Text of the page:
What We’ve Learned From The Pandemic

By RealHR Solutions

It’s not news that the COVID-19 pandemic forced businesses to adapt and pivot their operations in order to survive. RealHR checked in with several clients to assess how they managed their business objectives during this crisis, and what changes they expect for 2021. Here are our takeaways from those discussions, embedded with our HR expertise and perspective.

  1. Remote Work Is A New Reality

Many businesses embraced a working model they previously resisted: remote working, and they now know that some form of remote working is here to stay.

Grateful that proper technologies make remote work more than just a possibility, but a reality, businesses recognized the advantages of remote working tools that made it possible for their teams to work collaboratively, increase productivity, and have more day-to-day flexibility.

A surprise benefit to some businesses was the ability to recruit for open positions from a larger talent pool spread over a wider geographic area. The result has been an engagement in more inclusive recruitment practices and a more diverse slate of candidates.

  1. Employee Health, Safety, And Well-being Are Key 

Before the pandemic, 9 out of 10 professionals admitted to coming into the office when experiencing cold or flu symptoms. Over half of these employees (54%) shared that they went into the office because they had too much work to complete, while another 40% of study participants admitted to not wanting to use their sick time. Given the silent spread of COVID-19 in the early days of the pandemic, sick employees physically coming in to work was incredibly dangerous.

Organizations are acknowledging the importance of prioritizing employee health and safety, even at the expense of meeting their objectives. Leaders who encouraged their workers to stay home when ill, found that attendance is not synonymous with work ethic and company dedication.

In addition to physical wellness, companies are now concentrating on their employees’ social interaction with colleagues to foster collaborative work environments and support their social well-being by hosting social video conferencing meetups, virtual coffee chats, interactive competitions, and instant messaging.

  1. A Crisis Or Emergency Plan Is Crucial

The pandemic highlighted the need for organizations to develop and mobilize emergency plans quickly, not just for COVID-19, but for any crisis that might beset their organization.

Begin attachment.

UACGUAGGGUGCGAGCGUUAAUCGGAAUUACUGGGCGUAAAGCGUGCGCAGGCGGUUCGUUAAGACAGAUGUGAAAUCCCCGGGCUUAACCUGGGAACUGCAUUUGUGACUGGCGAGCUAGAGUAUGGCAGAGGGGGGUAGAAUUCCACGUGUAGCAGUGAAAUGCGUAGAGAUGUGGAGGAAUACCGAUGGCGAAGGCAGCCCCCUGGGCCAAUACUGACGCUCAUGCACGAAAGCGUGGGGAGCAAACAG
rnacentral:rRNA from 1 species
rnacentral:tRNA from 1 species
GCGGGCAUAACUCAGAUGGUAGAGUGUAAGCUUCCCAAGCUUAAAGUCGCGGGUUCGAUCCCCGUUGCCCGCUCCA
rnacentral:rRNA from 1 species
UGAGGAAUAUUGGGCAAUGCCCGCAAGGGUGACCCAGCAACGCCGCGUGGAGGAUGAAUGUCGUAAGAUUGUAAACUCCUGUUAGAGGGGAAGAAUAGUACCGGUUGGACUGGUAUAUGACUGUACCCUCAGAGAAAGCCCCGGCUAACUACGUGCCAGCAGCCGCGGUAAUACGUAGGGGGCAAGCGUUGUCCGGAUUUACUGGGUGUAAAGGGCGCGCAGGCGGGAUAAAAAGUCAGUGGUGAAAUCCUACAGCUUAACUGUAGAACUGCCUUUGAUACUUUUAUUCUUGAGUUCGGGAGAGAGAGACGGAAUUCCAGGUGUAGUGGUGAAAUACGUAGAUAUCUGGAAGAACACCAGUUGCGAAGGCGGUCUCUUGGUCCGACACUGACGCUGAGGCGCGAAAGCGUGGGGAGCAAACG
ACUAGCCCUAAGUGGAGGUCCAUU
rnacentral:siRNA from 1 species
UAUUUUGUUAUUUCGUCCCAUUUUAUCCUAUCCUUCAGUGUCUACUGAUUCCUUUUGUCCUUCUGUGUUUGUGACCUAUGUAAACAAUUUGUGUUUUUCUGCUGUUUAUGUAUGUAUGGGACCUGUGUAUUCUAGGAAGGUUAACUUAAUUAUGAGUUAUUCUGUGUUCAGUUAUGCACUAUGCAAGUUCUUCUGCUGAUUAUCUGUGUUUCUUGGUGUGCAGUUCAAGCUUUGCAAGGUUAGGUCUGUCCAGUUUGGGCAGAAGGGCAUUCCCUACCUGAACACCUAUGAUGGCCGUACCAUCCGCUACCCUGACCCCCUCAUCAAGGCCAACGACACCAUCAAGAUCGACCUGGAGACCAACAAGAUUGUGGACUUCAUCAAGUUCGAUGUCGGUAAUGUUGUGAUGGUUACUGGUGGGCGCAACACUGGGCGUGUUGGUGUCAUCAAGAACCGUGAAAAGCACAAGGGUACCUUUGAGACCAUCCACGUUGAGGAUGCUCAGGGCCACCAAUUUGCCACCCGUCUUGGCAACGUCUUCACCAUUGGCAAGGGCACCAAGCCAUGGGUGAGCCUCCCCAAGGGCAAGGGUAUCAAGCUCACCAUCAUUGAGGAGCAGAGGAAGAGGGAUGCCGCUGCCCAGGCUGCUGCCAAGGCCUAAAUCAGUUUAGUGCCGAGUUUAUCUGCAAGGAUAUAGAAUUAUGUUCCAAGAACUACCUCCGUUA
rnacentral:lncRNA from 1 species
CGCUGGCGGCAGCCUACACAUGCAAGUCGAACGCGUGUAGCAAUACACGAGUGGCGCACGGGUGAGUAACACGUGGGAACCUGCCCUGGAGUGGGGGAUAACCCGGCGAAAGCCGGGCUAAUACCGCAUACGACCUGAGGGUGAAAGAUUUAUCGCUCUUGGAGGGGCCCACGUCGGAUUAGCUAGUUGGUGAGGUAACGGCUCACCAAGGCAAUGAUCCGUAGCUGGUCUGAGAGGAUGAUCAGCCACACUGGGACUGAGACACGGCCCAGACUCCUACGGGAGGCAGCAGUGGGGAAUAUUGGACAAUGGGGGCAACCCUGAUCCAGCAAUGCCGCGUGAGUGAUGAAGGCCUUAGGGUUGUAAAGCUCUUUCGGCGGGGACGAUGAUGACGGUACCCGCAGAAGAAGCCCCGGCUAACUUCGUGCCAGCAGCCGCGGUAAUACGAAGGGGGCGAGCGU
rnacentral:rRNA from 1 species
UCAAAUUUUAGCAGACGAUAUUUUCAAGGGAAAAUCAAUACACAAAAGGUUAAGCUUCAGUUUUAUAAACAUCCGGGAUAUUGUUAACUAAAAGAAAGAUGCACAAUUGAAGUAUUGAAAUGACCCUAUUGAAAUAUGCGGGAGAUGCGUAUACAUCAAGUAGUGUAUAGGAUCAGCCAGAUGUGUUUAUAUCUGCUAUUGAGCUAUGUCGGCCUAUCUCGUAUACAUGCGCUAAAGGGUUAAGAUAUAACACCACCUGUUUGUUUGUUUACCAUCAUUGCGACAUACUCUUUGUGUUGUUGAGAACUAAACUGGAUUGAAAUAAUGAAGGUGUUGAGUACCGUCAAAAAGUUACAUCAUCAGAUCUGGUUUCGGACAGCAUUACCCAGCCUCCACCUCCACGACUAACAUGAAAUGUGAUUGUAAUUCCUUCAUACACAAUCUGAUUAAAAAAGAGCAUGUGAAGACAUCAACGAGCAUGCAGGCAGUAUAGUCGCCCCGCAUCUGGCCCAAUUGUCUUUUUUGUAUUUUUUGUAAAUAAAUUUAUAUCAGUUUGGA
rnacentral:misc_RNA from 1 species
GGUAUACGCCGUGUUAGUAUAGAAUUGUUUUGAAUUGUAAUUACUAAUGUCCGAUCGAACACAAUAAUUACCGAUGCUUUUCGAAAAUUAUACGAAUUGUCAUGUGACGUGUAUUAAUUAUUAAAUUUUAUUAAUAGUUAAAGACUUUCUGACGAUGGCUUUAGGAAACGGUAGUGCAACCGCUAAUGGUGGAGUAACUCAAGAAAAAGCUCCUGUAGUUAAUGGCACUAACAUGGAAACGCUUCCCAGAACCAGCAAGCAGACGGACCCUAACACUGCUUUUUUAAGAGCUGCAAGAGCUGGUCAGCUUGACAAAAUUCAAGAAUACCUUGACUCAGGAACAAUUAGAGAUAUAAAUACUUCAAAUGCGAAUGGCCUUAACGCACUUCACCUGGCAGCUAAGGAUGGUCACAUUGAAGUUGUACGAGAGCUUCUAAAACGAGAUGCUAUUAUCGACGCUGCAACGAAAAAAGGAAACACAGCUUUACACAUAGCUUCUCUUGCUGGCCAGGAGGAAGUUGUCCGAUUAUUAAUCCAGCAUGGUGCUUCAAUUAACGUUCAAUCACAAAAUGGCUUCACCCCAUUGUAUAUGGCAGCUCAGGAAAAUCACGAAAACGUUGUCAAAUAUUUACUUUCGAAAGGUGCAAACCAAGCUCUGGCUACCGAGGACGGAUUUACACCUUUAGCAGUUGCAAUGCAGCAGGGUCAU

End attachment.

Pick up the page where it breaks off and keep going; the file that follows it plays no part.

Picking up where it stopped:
RealHR encourages you to know how to secure the safety of your workers and your organization’s premises during a crisis; to improve your company-wide communication plans with employees and the public, and to test them in advance of a crisis.

  1. Successful Organizations Adapt

If this year provided you a learning opportunity to rethink your business, and to adapt quickly to keep your business on track, you’re in good company. Shifting quickly, inspiring innovation, encouraging ideas from your workers, and emboldening risk-taking, may have provided you with some of your best crisis solutions!

  1. Compassionate Leaders Are Essential in Times of Crisis

Compassion is defined as recognizing the suffering of others and then taking action to help. Who better to do that than organization leaders who can champion company-wide transformation? Compassion enables all of us to be flexible, to see different points of view, and to make decisions beyond our own lived experience. If you lead an organization–be there, be fully present–and demand that your management team follow your lead in being visible and available during uncertainty and in times of crisis.

Conclusion

The pandemic’s disruption to the global economy devastated businesses and the lives of millions of workers. We hold hope that global markets and businesses will rebound. We salute the workers and companies that made it through this past year, and wish a better year ahead to those that are struggling still.

We invite you to reach out to RealHR to discuss the ways we can support you and your business to overcome the continuing challenges posed by COVID-19.